Uptown residents have long been vocal about the type of development they don't want to see in their neighborhoods.
But at a community meeting April 22 at Bryant Square Park, city leaders and area residents began working on a plan that will detail the type of land use and development they would like to see in Uptown.
The meeting served as the starting point for the Uptown Small Area Plan, a document that will outline the long-range vision for the area. Councilmember Ralph Remington (10th Ward) is leading the effort to develop the plan along with new Southwest City Planner Amanda Arnold.
Remington told the more than 60 community members at the meeting - many of whom have loudly voiced their concerns with several high-profile developments in Uptown - that this is their chance to create a document that clearly states how they would like to see their corner of the city grow. He said he wants the creation of the plan to be a “long, thorough, deliberative process” where “everyone has a voice and every voice counts.”
“This is the time for us to define what we're for, as opposed to what we're against,” Remington said, adding that the city is paying for personnel and other resources needed to complete the plan. “This is our first chance to say what we think the community should look like.”
The purpose of small area plans, which have been created for a number of neighborhoods and corridors in the city, is to provide more detailed recommendations for the area than can be found in the city's comprehensive plan. The finished Uptown Small Area Plan will examine the current conditions of the area, develop a future vision of what residents want the neighborhood or area to become, and then formulate specific goals, objectives and policies that will help implement that vision.
Remington said in addition to periodic community meetings, a steering committee will be formed, and its members will give city officials input during the formation of the plan and advise them on how to interact with the community. The steering committee will include two representatives from each neighborhood in Uptown as well as representatives from business associations, the Midtown Greenway Coalition, the Midtown Community Works and other organizations. Remington will also appoint five committee members from areas of the community he feels are not already represented on the steering committee.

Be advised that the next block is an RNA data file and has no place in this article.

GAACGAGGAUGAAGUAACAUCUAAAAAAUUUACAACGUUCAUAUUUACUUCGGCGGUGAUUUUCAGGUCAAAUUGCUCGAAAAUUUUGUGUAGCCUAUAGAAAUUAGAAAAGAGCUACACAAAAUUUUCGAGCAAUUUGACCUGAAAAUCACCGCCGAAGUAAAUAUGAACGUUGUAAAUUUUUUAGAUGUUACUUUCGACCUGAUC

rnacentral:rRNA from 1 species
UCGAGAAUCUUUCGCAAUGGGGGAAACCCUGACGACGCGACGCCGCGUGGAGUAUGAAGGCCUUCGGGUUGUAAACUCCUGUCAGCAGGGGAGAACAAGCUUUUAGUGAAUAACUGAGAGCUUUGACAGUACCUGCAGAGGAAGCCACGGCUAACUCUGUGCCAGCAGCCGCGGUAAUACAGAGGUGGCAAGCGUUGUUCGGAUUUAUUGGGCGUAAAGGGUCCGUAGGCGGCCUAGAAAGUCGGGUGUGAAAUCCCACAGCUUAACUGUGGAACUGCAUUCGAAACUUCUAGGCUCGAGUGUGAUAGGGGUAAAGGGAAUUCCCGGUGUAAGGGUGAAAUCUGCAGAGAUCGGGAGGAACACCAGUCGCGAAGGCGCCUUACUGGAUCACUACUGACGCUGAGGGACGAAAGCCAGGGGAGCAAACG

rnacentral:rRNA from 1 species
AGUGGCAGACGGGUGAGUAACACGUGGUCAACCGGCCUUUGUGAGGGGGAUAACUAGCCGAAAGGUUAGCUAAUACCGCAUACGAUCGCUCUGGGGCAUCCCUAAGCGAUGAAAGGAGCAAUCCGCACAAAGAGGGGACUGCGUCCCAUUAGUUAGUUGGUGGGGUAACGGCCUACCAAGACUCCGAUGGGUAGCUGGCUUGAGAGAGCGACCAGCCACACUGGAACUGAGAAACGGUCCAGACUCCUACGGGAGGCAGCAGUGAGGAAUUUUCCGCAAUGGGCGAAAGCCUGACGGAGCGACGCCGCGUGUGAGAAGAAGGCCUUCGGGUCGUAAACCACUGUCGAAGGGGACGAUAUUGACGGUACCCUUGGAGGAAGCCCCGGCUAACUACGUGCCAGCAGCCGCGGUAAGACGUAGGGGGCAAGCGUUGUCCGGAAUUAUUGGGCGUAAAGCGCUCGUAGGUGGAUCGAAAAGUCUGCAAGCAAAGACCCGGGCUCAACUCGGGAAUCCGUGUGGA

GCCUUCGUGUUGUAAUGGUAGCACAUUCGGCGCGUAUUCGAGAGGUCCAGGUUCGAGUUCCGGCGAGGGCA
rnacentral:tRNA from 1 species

Arnold, who has been in her position just a few months, asked the community members at the meeting to start their work on the small area plan by getting together in small groups and outlining the area they believe should be defined as Uptown for the purpose of the plan.
But community members balked at defining Uptown's geographic area before they had the opportunity to discuss the goals and priorities they would like to see encompassed in the plan. In an exchange that was sometimes heated, several residents said they want to discuss overarching issues like the amount of growth the area is expected to absorb in coming years before going any further with the small area plan.
After the meeting, Remington said the frustration expressed by community members wasn't surprising.
“I think we're seeing some baggage,” Remington said, adding that many community members feel their concerns and positions on development have been dismissed and ignored for some time. “We have a new planner, a new councilmember and it's all about trusting and opening up and allowing the process to unfold.”
Things finally settled somewhat after community members reluctantly broke into small groups to discuss how they want to see Uptown geographically defined. Each group shared their thoughts on where the boundaries of Uptown should be. In general, the groups defined the area as being bound on the north by West 27th or 28th Street, east by Lyndale or Garfield Avenue, south by West 31st or 32nd Street and west by Lake Calhoun.
City officials plan to appoint a steering committee this month, and the next public meeting isn't scheduled until the end of August. But Arnold said she would consider holding another meeting to discuss the goals and priorities community members would like to see encompassed in the plan.
Uptown resident Jeff Rosenberg said the meeting had to potential to begin defining what residents want to see in the area, but it “broke down.”
“All we've had so far is discussion about what we don't want,” Rosenberg said. “What do we like? What would we like to see the area become?”
Rosenberg created a website, www.uptownplan.com, that outlines steps for creating a positive plan for Uptown and where community members can participate in an online forum.
Arnold said the Uptown Small Area Plan will need to be adopted by the City Council before it becomes official, and she said there will be several more community meetings to get input on the plan.
“This is not the end, by any means,” Arnold said. “This is just barely the beginning.”
For more information on the plan and updates from the city, visit www.ci.minneapolis.mn.us/planning/uptown-plan.asp.